Digital TransformationCPG (FMCG)How will the IoT affect CPG brands?

How will the IoT affect CPG brands?

Bud Light is officially selling smart fridges that let you know when you're almost out of beer. Is this a fun novelty item, or does it show how CPG brands will be impacted by the IoT?

Bud Light’s smart fridge recently became available for consumers. This is a notable innovation, not only because it’s a refrigerator that texts you when you’re running out of beer, but because Bud Light is hardly an e-commerce brand. Is this a sign of what’s to come for consumer packaged goods (CPG)?

The fridge has a complementary app, which requires a date of birth to use. Some of its capabilities include a countdown letting you know when your beer is at optimum coldness, control over what the exterior displays, NFL team updates, and an integration with a beer-delivery service that operates in select California cities. However, its main function is getting Bud Light’s offline product involved with the Internet of Things (IoT).

“The rise of mobile and connected homes are two trends we’re watching closely. It’s an opportunity for us is to figure out how to offer connected, branded experiences in-home and at the bars, restaurants, and venues were Bud Light is consumed,” says Azania Andrews, senior director of North America’s digital connections for Anheuser-Busch.

This union between beer brands and connected devices isn’t a new concept – Heineken had connected beer bottles at Coachella two years ago – but it is still something of a novel one. Coined by a British entrepreneur in 1999, IoT is a techie term that is typically used to refer to things like smartphones and smartwatches. However, it’s since expanded well beyond Google and Apple, with consumer brands increasingly utilizing connectivity in creative ways.

Rebecca Minkoff’s New York City flagship store has smart dressing rooms that scan radio frequency identification (RFID)-enabled clothing tags and suggest complementary items. Retailers like Macy’s, Bloomingdale’s, and Kohl’s have connected fitting rooms as well. Levi’s too, partnered with Google in June to make smart jeans made from jacquard yarn that combines thin, metallic alloys with traditional textile materials like cotton and polyester.

According to Retail Systems Research’s recent report, The Internet of Things in Retail: Great Expectations, 80 percent of retailers agree that the IoT will drastically impact consumer products and the way companies do business in the next three years.


It makes sense for retailers, given how the Internet has changed shopping. But can the same be said for CPG brands’ products?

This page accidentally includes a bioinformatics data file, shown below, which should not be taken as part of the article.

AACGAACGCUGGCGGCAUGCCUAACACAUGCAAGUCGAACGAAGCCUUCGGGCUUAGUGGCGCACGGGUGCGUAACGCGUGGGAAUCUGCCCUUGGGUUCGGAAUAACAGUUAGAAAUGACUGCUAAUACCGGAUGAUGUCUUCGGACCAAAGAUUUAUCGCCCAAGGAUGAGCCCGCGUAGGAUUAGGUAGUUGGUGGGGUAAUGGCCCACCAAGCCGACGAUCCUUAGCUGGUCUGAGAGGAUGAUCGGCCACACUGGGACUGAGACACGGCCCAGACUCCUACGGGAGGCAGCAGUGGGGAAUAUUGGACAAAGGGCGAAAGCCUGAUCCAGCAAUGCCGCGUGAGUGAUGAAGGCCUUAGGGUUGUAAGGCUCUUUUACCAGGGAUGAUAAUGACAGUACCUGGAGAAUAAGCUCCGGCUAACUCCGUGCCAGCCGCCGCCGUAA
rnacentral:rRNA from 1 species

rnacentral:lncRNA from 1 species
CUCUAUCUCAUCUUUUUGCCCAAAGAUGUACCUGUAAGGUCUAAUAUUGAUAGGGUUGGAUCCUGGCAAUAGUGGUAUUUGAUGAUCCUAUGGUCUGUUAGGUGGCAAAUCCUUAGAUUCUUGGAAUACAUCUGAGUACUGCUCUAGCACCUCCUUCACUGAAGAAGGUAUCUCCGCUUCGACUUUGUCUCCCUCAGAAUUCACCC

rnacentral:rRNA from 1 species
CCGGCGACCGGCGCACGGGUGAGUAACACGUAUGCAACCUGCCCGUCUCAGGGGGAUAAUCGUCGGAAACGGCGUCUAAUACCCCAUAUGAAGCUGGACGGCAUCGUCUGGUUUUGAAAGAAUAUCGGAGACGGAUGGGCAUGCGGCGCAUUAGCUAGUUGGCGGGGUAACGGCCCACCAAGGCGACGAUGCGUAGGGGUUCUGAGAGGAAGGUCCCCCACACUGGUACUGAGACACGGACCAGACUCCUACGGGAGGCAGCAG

“It’s a harder nut to crack on the CPG side,” says Sean Miller, senior vice president of strategy at Rokkan. “Strategists around CPG brands are trying to figure out how to make a low-involvement purchase top-of-mind. They’re not used to being needs-driven, in terms of an experience and solving problems, so that’s a new way of thinking.”

Some offline brands have already started thinking that way, even if their campaigns were more fun novelties than anything. In March, KFC debuted Bluetooth-enabled smart trays that transform into keyboards, allowing German consumers to text without getting their greasy chicken fingers all over their phone screens. And while Doritos didn’t pioneer smart corn chips, the brand did figure out a way for consumers to access online content by scanning chips.


Miller points out that connected devices generally strive to make people’s lives easier in some way. So while he thinks the IoT will affect the CPG space, it won’t necessarily be on a product level.

“That doesn’t mean that every bottle of aspirin or every candy bar should come alive somehow, but these different brands are showing that they’re aware of the context around the experiences people are having with them. So, they’re finding a way to make that overall experience more interesting,” he says.

Packaging can be more connected device-friendly – for example, a granola bar wrapper with a scannable barcode could connect with a nutrition app like MyFitnessPal. Companies can come up with new products that support their overall brand experiences. Items you buy regularly can arrive at your home periodically, automating the shopping process.

“Technology can tell you about what you bought and when it’s going bad,” says Gary Koepke, chief creative officer for North America at SapientNitro. He offers another example, “It could say, ‘Hey, you bought tomatoes over a week ago and they’re on their last leg – you’d better have spaghetti tonight.'”

Koepke doesn’t think the IoT will have the same seismic effect on the CPG as it will retail. However, he does think connectivity will increasingly become a factor in the brands’ strategies.

Like Miller, Koepke thinks it will happen at a brand experience level. Rather than come out with soap in a smart bottle, a brand like Dial can send reminders.

“They can say, ‘It it flu season – are you remembering to wash your hands?'” says Koepke. “Brands could offer us ideas on how to integrate their products into our daily lives a little more, rather than just selling them to us and leaving us be.”

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